I usually don't buy books about programming languages or frameworks, Clojure is an exception because is my first contact with FP stuff

aurelian09:01:48

anyway, it's interesting to know how other are learning, thanks

jaen09:01:54

I sometimes do - books on C, Clojure, Scala were certainly useful to some degree.

jaen09:01:04

But for Ruby? I've found that wast of time if I can just online tutorial through it (yes, that's "online tutorial" used as a verb).

aurelian09:01:46

I have an objective-c book, read it like 1/4 and never touched again

jaen10:01:02

"Haskell Programming from First Principles" is probably the next time I will buy a CS-related book, but first I need to finally find time to learn Haskell properly ; d

jaen10:01:44

And using Clojure kind of pushes that further into the future, because I can do pretty nice FP right now (sans types, sadly) and not after I grok all them typeclasses.

jaen10:01:49

But we'll see.

jaen10:01:33

As for SICP not being fundamental to Clojure programmers - well, I can kind of agree with that in a way - Clojure is not meant to be a first language in the way Scheme or Racket are. SICP is a great foundational book, but Clojure sort of assumes you're past that level and things like abstraction are natural words in your dictionary.

jaen10:01:15

But that's also something that's discouraging - a friend wants to learn programming and I wanted to teach her using Clojure because functional paradigm is a better introduction to programming than imperative and just imagine how awesome would be to use Clojurescript and boot-reload to have some of that Bret Victor-ish immediate feedback capability. But then you're reminded that Clojure doesn't care about first timers much with it's stacktraces, bad error messages and general spots of roughness and you just decide to use Racket and "How to Design Programs" : V

geoffreymuchai13:01:31

Hey guys: I am trying to write async tests for my project but the tests fail even after i follow the example listed here https://github.com/clojure/clojurescript/wiki/Testing This is how my test looks:

(deftest test-async-function
  (testing "Async Test"
      (println "[debug] - about to async test")
      (async pass
        (go
          (is (= (<! (http/get ""))
                 :true))
          (pass)))))
Any suggestions on what I can do to get this working will be greatly appreciated

skardan13:01:50

@dnolen @mfikes I documented Remote REPL configuration https://github.com/clojure/clojurescript/wiki/Remote-REPL (feedback appreciated)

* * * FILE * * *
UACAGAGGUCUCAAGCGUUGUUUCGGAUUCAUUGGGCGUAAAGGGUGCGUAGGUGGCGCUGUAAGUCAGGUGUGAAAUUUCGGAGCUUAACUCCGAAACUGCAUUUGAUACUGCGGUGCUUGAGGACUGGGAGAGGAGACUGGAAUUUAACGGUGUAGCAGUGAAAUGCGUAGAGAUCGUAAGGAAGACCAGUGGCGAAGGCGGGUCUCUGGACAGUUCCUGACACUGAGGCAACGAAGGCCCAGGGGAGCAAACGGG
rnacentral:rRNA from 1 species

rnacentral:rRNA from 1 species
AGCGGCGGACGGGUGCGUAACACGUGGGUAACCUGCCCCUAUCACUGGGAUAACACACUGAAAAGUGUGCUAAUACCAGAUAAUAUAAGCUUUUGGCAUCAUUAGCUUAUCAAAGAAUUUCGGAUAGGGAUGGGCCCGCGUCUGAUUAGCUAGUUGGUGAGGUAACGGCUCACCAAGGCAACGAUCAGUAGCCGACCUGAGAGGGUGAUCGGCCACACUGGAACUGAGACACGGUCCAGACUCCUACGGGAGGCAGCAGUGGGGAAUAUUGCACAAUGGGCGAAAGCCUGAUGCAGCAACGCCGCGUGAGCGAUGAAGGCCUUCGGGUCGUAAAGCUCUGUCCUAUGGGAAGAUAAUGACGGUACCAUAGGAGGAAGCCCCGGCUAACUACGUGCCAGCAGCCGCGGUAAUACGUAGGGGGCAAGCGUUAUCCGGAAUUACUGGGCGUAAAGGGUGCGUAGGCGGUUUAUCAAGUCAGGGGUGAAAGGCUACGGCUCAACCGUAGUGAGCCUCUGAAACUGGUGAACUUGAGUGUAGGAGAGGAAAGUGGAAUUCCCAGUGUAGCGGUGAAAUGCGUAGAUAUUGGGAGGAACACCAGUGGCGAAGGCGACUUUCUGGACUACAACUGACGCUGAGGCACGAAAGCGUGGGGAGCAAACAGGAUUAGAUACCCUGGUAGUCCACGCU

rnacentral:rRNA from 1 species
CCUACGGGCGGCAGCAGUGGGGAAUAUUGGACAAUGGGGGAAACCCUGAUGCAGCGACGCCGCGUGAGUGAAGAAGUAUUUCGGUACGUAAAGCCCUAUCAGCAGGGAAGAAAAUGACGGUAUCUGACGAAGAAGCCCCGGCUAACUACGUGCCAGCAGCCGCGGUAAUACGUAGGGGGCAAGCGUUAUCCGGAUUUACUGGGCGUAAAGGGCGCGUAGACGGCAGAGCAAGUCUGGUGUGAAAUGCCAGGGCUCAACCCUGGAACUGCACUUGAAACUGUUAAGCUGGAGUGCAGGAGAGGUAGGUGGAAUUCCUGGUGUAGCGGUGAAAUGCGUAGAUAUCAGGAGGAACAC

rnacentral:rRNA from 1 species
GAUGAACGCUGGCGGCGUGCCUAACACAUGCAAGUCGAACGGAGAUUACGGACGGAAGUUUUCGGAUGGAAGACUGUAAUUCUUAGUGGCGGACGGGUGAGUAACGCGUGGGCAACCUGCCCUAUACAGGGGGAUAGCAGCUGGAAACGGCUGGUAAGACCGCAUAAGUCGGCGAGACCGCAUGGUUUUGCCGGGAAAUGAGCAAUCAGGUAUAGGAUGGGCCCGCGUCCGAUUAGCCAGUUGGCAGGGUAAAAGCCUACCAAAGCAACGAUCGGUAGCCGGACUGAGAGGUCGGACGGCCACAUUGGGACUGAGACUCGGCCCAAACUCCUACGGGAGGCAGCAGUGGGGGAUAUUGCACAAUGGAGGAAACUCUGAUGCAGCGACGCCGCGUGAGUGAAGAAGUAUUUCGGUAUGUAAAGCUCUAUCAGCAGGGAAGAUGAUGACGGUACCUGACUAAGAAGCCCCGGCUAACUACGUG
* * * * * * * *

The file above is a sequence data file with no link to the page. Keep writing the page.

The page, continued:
nberger13:01:02

@geoffreymuchai: I think async should be the top level form in deftest, so first wrap with async then with deftest

nberger13:01:16

I mean, first async then testing

geoffreymuchai13:01:34

oh… ok… lemme give it a try

geoffreymuchai13:01:34

that doesn’t work unfortunately @nberger

nberger13:01:31

It should 😛. What happens?

nberger13:01:08

You now have:

(deftest test-async-function
  (async pass
    (testing "Async test"
      (println ...)
      (go
        (is ....)
        (pass)))))
right?

nberger13:01:11

how is it that "it doesn't work"? it doesn't show a test failure? a simple non-async test works, I mean it shows failures?

geoffreymuchai13:01:41

that is what i have and…. this is the output

nberger13:01:26

"Tests failed!" is promising! simple_smile If you remove the assertion entirely, it stops showing "Tests failed!"?

geoffreymuchai13:01:06

actually… i have posted the wrong output… lemme run the test again real quick

geoffreymuchai13:01:19

it doesn’t print anything within the go block

nberger13:01:39

you mean if you put a println there?

geoffreymuchai13:01:09

wait… it does… my apologies

geoffreymuchai13:01:14

lemme remove the assertion

nberger13:01:23

cool, no worries

geoffreymuchai13:01:53

the test still fails with the same error… this is how the test looks

nberger13:01:13

you can try with something simpler like:

(go
  (<! (async/timeout 100))
  (is false)
  (pass))

geoffreymuchai13:01:13

(deftest test-async-block
  (async pass
    (testing "Async Test"
      (println "[debug] - about to async test")
      (go
        (pass)))))

nberger13:01:55

(simpler in that it's more directly clear what's happening, and you can change the false for a true to make it pass)

nberger13:01:13

but ok, your last example should pass too

nberger13:01:01

what about a non-async test?

(deftest non-async
  (is true))

nberger13:01:40

because you might have issues with your test runner

geoffreymuchai13:01:29

It doesn’t run any other tests in the namespace the async tests are but when i remove it, they work

nberger13:01:53

Ok... something similar happened to me where the test runner didn't properly wait for the tests to finish... in a way that it worked for sync tests, but not with async tests... what are you using as runner? doo or something ad-hoc?

slotkenov13:01:40

What would be the best way to use sass in a ClojureScript project?

slotkenov13:01:10

I would say by using libsass via node.js

slotkenov13:01:37

How would I kick that off via leiningen (or boot)?

nberger13:01:03

I had part of my runner writing the test report into a div with some id, and then another part of the runner inspecting that div content... but it didn't wait for it to exist

nberger13:01:30

so, how are you running the tests? simple_smile

geoffreymuchai13:01:42

we have created something ad-hoc using cljs.test

geoffreymuchai13:01:42

we haven’t done anything fancy on our code base… we use the testing library available in cljs i.e. cljs.test

nberger13:01:51

Ok... you probably write the test report to somewhere in something like (defmethod cljs.test/report [:cljs.test/default :end-run-tests] ...)?

nberger13:01:21

you have to look into that runner... we can't be sure if it is properly implemented for async tests

geoffreymuchai13:01:04

ok… let me confirm

geoffreymuchai13:01:06

@nberger: our report code looks like this:

(defmethod report [::test/default :summary] [m]
  (println "\nRan" (:test m) "tests containing"
           (+ (:pass m) (:fail m) (:error m)) "assertions.")
  (println (:fail m) "failures," (:error m) "errors.")
  (aset js/window "test-failures" (+ (:fail m) (:error m))))

nberger13:01:25